Inmate Found Dead After Recounting Threats From Correctional Officer


Latandra Ellington, an inmate at Lowell Correctional Institution, was found dead on October 1st, ten days after writing a letter to a family member expressing fear that she would be harmed by a correctional officer.

By Annabelle Bamforth @ Ben Swann

In a letter to her aunt written September 21st, Ellington identified a correctional officer only as “Sgt. Q” and wrote that “he was gone [sic]beat me to death and mess me like a dog.”

“He was all in my face Sqt. Q then he grab his radio and said he was gone bust me in my head with it…” Ellington wrote. Ellington’s aunt called Lowell Correctional Institution September 30th to relay the information, and Ellington was placed in “administrative confinement” in response to the allegations. She was found dead the next day.

Ellington, a 36-year-old mother of four, was serving a 22 month prison sentence for falsifying tax returns and had seven months remaining before her scheduled release.

An independent autopsy performed on October 4th found that Ellington had suffered abdominal hemorrhaging “consistent with punches and kicks” and the sustained injuries played a part in her death.

Florida DOC has acknowledged that the The Florida Department of Law Enforcement is investigating the death of Ellington. Jessica Cary, spokeswoman for Florida DOC, said in a statement that “Ms. Ellington was located in administrative confinement at the time of her death because the Department took seriously her and her family’s concerns about alleged threats to her safety, and immediately took appropriate action to move her to a secure location and investigate the allegations. That investigation is ongoing.”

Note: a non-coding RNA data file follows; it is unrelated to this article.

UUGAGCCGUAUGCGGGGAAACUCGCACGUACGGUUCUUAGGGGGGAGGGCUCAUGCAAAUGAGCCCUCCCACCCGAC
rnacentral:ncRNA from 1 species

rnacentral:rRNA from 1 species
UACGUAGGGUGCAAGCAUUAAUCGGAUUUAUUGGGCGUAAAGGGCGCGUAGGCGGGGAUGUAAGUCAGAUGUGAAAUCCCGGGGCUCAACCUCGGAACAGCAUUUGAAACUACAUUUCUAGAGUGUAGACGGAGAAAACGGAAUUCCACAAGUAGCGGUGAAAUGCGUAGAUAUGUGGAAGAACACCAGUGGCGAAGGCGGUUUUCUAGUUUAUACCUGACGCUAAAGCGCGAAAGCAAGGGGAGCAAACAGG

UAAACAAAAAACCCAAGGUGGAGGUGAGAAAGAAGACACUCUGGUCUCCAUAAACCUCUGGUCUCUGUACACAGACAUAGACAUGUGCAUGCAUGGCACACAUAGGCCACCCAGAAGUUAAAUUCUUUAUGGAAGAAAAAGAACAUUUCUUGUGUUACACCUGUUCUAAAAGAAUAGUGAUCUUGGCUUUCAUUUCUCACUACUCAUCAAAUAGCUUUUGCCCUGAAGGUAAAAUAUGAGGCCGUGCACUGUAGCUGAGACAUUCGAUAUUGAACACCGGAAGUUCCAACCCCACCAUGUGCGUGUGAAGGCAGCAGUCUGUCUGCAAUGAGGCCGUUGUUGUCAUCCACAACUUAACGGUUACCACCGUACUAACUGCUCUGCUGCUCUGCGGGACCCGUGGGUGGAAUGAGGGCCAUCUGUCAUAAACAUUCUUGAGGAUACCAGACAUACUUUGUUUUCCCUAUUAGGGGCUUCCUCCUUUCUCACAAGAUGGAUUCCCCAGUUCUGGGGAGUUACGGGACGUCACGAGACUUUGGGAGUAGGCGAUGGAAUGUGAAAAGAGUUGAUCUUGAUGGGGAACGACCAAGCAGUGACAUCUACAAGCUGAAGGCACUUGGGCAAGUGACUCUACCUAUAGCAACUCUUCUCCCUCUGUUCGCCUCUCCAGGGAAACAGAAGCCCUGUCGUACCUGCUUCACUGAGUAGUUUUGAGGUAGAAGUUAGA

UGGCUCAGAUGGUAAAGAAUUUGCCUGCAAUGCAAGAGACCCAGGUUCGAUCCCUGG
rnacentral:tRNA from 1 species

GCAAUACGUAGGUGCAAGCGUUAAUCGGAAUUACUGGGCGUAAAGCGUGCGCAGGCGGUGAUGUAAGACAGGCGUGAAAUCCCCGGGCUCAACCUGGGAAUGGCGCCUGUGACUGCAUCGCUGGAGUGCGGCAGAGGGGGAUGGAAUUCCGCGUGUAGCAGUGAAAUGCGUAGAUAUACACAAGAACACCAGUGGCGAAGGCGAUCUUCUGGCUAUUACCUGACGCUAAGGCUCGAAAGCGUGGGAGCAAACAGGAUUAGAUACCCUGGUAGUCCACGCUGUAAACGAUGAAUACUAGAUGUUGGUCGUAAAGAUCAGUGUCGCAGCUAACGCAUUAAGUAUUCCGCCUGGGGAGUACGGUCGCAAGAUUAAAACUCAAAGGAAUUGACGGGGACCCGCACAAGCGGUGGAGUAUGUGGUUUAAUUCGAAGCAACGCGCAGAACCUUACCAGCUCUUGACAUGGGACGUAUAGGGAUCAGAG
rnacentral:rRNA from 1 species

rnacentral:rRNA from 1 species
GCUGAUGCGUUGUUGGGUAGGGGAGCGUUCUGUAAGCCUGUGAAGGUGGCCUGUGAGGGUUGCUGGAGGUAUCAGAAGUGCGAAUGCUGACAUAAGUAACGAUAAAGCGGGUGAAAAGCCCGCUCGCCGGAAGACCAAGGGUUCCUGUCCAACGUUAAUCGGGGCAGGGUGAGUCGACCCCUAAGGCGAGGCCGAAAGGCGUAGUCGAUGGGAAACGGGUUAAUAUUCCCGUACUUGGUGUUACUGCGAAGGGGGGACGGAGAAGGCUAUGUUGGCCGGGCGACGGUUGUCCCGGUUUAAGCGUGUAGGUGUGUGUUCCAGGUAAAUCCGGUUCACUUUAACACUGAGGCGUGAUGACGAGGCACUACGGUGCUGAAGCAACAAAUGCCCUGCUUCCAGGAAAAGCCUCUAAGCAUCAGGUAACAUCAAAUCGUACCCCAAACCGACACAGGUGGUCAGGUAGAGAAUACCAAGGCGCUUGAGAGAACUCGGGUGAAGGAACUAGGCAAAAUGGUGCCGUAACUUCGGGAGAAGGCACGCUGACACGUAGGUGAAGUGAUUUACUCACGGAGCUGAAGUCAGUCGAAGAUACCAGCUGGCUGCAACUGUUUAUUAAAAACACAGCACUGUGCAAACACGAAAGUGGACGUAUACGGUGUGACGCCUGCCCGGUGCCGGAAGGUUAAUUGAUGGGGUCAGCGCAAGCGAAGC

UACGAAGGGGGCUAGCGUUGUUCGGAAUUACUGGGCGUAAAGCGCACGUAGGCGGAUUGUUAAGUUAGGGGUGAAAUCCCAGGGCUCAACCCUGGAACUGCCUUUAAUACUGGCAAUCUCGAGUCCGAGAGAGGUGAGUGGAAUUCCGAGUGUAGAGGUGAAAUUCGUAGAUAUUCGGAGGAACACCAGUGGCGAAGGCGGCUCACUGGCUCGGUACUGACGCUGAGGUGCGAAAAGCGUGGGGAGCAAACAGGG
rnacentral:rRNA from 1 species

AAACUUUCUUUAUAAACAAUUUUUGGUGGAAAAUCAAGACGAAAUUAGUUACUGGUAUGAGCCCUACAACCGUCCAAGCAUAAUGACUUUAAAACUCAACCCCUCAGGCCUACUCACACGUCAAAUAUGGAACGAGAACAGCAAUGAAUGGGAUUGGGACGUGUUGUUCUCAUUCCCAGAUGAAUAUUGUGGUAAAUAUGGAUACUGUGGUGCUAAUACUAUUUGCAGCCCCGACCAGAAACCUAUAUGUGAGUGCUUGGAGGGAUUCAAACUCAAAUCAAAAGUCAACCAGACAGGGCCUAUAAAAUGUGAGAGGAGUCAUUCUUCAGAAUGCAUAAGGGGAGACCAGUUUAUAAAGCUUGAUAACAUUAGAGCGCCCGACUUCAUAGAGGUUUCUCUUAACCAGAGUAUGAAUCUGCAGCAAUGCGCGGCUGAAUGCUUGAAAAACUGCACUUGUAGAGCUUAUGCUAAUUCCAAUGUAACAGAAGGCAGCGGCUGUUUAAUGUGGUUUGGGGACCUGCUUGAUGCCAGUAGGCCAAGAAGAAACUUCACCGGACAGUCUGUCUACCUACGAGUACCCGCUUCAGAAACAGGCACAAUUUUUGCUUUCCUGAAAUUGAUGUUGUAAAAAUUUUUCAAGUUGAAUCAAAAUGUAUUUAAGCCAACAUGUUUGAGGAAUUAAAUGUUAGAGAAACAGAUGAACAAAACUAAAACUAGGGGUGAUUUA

Attorneys Daryl Parks and Benjamin Crump, along with the NAACP, have requested that the Department of Justice launch an investigation of Ellington’s death. “When you have an inmate saying she feels threatened by a guard and then within 18 hours … she’s found dead, that is something that warrants the civil rights division of the justice department,” Crump said. “It warrants the attention of the Attorney General and that’s why attorney Parks and I sent that letter.”

Ellington’s death marks a second request this year from civil rights groups asking the Justice Department to investigate the death of a prison inmate. In June several groups asked Attorney General Eric Holder to investigate the death of Darren Rainey, a 50-year old mentally disabled prisoner who died in Dade Correctional Institution after being locked in a shower and scalded with water that burned his skin off of his body. As of August, an investigation of Rainey’s death has not yet concluded.

This article originally appeared at Ben Swann